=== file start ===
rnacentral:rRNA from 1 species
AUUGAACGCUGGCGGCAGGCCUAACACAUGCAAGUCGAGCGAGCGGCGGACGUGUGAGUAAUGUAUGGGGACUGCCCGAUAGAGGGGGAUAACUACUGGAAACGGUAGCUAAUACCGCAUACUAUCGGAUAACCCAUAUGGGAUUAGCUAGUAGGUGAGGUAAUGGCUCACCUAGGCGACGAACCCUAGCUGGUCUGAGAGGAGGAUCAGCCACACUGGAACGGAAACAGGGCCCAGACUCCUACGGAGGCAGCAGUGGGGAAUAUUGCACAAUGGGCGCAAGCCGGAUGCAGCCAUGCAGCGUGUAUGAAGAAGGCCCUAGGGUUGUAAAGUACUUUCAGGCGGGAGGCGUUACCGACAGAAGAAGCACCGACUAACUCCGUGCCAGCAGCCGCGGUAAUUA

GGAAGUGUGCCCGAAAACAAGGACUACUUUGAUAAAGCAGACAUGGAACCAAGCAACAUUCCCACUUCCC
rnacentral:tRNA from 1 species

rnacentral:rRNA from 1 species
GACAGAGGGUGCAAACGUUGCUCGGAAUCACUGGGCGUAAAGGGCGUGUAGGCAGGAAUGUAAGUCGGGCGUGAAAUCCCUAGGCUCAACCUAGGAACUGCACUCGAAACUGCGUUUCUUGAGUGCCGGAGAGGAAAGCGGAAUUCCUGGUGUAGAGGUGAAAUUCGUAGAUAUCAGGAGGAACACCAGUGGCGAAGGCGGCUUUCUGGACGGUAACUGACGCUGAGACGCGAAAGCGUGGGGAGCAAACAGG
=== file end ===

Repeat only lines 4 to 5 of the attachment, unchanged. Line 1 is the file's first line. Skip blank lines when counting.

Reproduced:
rnacentral:tRNA from 1 species

rnacentral:rRNA from 1 species